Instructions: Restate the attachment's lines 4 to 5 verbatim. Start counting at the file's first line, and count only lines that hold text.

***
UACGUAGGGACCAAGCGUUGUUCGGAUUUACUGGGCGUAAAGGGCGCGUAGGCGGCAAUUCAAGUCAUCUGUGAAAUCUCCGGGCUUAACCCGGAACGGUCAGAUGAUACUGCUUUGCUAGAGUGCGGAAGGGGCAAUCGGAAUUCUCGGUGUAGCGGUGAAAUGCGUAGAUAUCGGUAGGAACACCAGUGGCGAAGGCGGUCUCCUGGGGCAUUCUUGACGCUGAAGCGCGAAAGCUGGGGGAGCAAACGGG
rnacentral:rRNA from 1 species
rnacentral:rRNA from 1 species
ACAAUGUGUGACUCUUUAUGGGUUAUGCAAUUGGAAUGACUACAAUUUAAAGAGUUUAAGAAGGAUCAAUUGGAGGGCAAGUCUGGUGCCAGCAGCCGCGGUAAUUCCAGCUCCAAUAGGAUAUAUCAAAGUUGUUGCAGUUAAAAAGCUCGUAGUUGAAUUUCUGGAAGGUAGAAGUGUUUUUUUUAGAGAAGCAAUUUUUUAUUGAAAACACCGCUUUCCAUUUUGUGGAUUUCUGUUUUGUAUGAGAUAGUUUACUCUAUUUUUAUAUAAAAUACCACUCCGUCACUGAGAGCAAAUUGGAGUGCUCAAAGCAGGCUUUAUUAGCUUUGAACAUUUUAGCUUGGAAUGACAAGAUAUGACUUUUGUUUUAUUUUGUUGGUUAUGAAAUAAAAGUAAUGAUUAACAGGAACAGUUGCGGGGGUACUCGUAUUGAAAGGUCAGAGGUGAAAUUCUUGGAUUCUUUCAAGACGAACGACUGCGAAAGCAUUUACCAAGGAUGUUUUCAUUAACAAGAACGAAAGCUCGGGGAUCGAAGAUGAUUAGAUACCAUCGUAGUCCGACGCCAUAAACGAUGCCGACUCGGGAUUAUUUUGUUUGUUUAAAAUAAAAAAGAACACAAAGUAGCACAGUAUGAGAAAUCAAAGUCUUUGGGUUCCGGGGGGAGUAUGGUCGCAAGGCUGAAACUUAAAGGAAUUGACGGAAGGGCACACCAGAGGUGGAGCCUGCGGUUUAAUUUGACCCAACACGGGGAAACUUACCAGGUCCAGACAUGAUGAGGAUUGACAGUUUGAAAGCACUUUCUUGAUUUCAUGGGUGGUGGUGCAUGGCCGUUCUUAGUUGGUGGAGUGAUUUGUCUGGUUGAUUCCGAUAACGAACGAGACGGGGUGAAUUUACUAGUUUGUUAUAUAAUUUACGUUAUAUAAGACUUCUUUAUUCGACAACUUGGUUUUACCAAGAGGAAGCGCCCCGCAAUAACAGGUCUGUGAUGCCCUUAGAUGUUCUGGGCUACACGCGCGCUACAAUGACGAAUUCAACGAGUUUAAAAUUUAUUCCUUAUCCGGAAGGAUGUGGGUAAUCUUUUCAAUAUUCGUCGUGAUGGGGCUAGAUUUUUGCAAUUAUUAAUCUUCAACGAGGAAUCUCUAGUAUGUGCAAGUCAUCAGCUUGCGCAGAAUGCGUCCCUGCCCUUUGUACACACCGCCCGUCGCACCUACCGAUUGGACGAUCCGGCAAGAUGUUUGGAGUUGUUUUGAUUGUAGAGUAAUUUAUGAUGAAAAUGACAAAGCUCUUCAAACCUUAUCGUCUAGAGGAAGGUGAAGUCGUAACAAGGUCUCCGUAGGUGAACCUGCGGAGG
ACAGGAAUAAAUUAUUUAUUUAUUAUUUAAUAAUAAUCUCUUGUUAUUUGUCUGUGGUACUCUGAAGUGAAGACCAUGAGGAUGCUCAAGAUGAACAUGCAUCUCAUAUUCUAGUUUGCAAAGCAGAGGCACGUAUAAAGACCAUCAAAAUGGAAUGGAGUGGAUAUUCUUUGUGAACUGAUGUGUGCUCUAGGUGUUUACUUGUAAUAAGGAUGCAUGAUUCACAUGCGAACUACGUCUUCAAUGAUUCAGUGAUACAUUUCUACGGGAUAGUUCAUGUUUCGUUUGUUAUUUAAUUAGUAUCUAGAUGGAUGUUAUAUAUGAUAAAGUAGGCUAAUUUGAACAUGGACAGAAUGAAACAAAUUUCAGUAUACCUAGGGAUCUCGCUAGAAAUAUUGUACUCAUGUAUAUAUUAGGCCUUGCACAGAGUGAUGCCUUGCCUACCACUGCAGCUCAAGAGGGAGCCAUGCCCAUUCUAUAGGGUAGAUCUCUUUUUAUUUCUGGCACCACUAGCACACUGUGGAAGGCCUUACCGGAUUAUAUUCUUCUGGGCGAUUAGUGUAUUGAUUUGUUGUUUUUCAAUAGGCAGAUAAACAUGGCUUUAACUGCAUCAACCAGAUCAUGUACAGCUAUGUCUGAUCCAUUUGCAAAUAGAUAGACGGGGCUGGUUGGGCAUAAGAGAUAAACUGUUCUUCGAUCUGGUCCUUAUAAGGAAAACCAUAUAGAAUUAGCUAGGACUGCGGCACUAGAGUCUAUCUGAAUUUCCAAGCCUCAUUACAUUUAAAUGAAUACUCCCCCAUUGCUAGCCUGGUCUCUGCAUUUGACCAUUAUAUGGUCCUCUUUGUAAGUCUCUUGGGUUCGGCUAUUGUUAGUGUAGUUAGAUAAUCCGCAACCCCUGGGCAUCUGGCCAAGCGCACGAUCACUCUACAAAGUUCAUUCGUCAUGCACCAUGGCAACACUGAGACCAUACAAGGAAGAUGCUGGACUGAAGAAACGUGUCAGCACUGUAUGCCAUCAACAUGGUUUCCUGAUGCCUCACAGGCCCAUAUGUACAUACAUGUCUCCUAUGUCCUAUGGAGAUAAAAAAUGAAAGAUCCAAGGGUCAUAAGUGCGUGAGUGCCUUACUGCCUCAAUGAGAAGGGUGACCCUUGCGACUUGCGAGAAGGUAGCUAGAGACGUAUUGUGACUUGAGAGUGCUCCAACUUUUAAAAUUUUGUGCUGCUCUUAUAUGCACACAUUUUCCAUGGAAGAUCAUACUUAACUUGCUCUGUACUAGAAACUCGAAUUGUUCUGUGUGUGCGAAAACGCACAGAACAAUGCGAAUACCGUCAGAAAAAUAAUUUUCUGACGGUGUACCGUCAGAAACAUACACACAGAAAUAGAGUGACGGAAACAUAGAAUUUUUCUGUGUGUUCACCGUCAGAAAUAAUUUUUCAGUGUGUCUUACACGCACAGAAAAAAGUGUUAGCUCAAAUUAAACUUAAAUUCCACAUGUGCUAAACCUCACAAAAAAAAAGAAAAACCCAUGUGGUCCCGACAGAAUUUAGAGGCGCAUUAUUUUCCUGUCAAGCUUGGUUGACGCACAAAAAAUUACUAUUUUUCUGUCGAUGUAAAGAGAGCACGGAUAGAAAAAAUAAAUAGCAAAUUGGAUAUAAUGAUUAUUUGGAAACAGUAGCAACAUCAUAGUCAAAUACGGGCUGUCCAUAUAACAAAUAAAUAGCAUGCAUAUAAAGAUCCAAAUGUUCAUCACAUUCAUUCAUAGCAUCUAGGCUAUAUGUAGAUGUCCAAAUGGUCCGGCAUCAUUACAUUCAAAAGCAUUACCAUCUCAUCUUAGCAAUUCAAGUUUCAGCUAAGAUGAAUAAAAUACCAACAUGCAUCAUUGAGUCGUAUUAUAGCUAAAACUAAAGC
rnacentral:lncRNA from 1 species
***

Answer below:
ACAAUGUGUGACUCUUUAUGGGUUAUGCAAUUGGAAUGACUACAAUUUAAAGAGUUUAAGAAGGAUCAAUUGGAGGGCAAGUCUGGUGCCAGCAGCCGCGGUAAUUCCAGCUCCAAUAGGAUAUAUCAAAGUUGUUGCAGUUAAAAAGCUCGUAGUUGAAUUUCUGGAAGGUAGAAGUGUUUUUUUUAGAGAAGCAAUUUUUUAUUGAAAACACCGCUUUCCAUUUUGUGGAUUUCUGUUUUGUAUGAGAUAGUUUACUCUAUUUUUAUAUAAAAUACCACUCCGUCACUGAGAGCAAAUUGGAGUGCUCAAAGCAGGCUUUAUUAGCUUUGAACAUUUUAGCUUGGAAUGACAAGAUAUGACUUUUGUUUUAUUUUGUUGGUUAUGAAAUAAAAGUAAUGAUUAACAGGAACAGUUGCGGGGGUACUCGUAUUGAAAGGUCAGAGGUGAAAUUCUUGGAUUCUUUCAAGACGAACGACUGCGAAAGCAUUUACCAAGGAUGUUUUCAUUAACAAGAACGAAAGCUCGGGGAUCGAAGAUGAUUAGAUACCAUCGUAGUCCGACGCCAUAAACGAUGCCGACUCGGGAUUAUUUUGUUUGUUUAAAAUAAAAAAGAACACAAAGUAGCACAGUAUGAGAAAUCAAAGUCUUUGGGUUCCGGGGGGAGUAUGGUCGCAAGGCUGAAACUUAAAGGAAUUGACGGAAGGGCACACCAGAGGUGGAGCCUGCGGUUUAAUUUGACCCAACACGGGGAAACUUACCAGGUCCAGACAUGAUGAGGAUUGACAGUUUGAAAGCACUUUCUUGAUUUCAUGGGUGGUGGUGCAUGGCCGUUCUUAGUUGGUGGAGUGAUUUGUCUGGUUGAUUCCGAUAACGAACGAGACGGGGUGAAUUUACUAGUUUGUUAUAUAAUUUACGUUAUAUAAGACUUCUUUAUUCGACAACUUGGUUUUACCAAGAGGAAGCGCCCCGCAAUAACAGGUCUGUGAUGCCCUUAGAUGUUCUGGGCUACACGCGCGCUACAAUGACGAAUUCAACGAGUUUAAAAUUUAUUCCUUAUCCGGAAGGAUGUGGGUAAUCUUUUCAAUAUUCGUCGUGAUGGGGCUAGAUUUUUGCAAUUAUUAAUCUUCAACGAGGAAUCUCUAGUAUGUGCAAGUCAUCAGCUUGCGCAGAAUGCGUCCCUGCCCUUUGUACACACCGCCCGUCGCACCUACCGAUUGGACGAUCCGGCAAGAUGUUUGGAGUUGUUUUGAUUGUAGAGUAAUUUAUGAUGAAAAUGACAAAGCUCUUCAAACCUUAUCGUCUAGAGGAAGGUGAAGUCGUAACAAGGUCUCCGUAGGUGAACCUGCGGAGG
ACAGGAAUAAAUUAUUUAUUUAUUAUUUAAUAAUAAUCUCUUGUUAUUUGUCUGUGGUACUCUGAAGUGAAGACCAUGAGGAUGCUCAAGAUGAACAUGCAUCUCAUAUUCUAGUUUGCAAAGCAGAGGCACGUAUAAAGACCAUCAAAAUGGAAUGGAGUGGAUAUUCUUUGUGAACUGAUGUGUGCUCUAGGUGUUUACUUGUAAUAAGGAUGCAUGAUUCACAUGCGAACUACGUCUUCAAUGAUUCAGUGAUACAUUUCUACGGGAUAGUUCAUGUUUCGUUUGUUAUUUAAUUAGUAUCUAGAUGGAUGUUAUAUAUGAUAAAGUAGGCUAAUUUGAACAUGGACAGAAUGAAACAAAUUUCAGUAUACCUAGGGAUCUCGCUAGAAAUAUUGUACUCAUGUAUAUAUUAGGCCUUGCACAGAGUGAUGCCUUGCCUACCACUGCAGCUCAAGAGGGAGCCAUGCCCAUUCUAUAGGGUAGAUCUCUUUUUAUUUCUGGCACCACUAGCACACUGUGGAAGGCCUUACCGGAUUAUAUUCUUCUGGGCGAUUAGUGUAUUGAUUUGUUGUUUUUCAAUAGGCAGAUAAACAUGGCUUUAACUGCAUCAACCAGAUCAUGUACAGCUAUGUCUGAUCCAUUUGCAAAUAGAUAGACGGGGCUGGUUGGGCAUAAGAGAUAAACUGUUCUUCGAUCUGGUCCUUAUAAGGAAAACCAUAUAGAAUUAGCUAGGACUGCGGCACUAGAGUCUAUCUGAAUUUCCAAGCCUCAUUACAUUUAAAUGAAUACUCCCCCAUUGCUAGCCUGGUCUCUGCAUUUGACCAUUAUAUGGUCCUCUUUGUAAGUCUCUUGGGUUCGGCUAUUGUUAGUGUAGUUAGAUAAUCCGCAACCCCUGGGCAUCUGGCCAAGCGCACGAUCACUCUACAAAGUUCAUUCGUCAUGCACCAUGGCAACACUGAGACCAUACAAGGAAGAUGCUGGACUGAAGAAACGUGUCAGCACUGUAUGCCAUCAACAUGGUUUCCUGAUGCCUCACAGGCCCAUAUGUACAUACAUGUCUCCUAUGUCCUAUGGAGAUAAAAAAUGAAAGAUCCAAGGGUCAUAAGUGCGUGAGUGCCUUACUGCCUCAAUGAGAAGGGUGACCCUUGCGACUUGCGAGAAGGUAGCUAGAGACGUAUUGUGACUUGAGAGUGCUCCAACUUUUAAAAUUUUGUGCUGCUCUUAUAUGCACACAUUUUCCAUGGAAGAUCAUACUUAACUUGCUCUGUACUAGAAACUCGAAUUGUUCUGUGUGUGCGAAAACGCACAGAACAAUGCGAAUACCGUCAGAAAAAUAAUUUUCUGACGGUGUACCGUCAGAAACAUACACACAGAAAUAGAGUGACGGAAACAUAGAAUUUUUCUGUGUGUUCACCGUCAGAAAUAAUUUUUCAGUGUGUCUUACACGCACAGAAAAAAGUGUUAGCUCAAAUUAAACUUAAAUUCCACAUGUGCUAAACCUCACAAAAAAAAAGAAAAACCCAUGUGGUCCCGACAGAAUUUAGAGGCGCAUUAUUUUCCUGUCAAGCUUGGUUGACGCACAAAAAAUUACUAUUUUUCUGUCGAUGUAAAGAGAGCACGGAUAGAAAAAAUAAAUAGCAAAUUGGAUAUAAUGAUUAUUUGGAAACAGUAGCAACAUCAUAGUCAAAUACGGGCUGUCCAUAUAACAAAUAAAUAGCAUGCAUAUAAAGAUCCAAAUGUUCAUCACAUUCAUUCAUAGCAUCUAGGCUAUAUGUAGAUGUCCAAAUGGUCCGGCAUCAUUACAUUCAAAAGCAUUACCAUCUCAUCUUAGCAAUUCAAGUUUCAGCUAAGAUGAAUAAAAUACCAACAUGCAUCAUUGAGUCGUAUUAUAGCUAAAACUAAAGC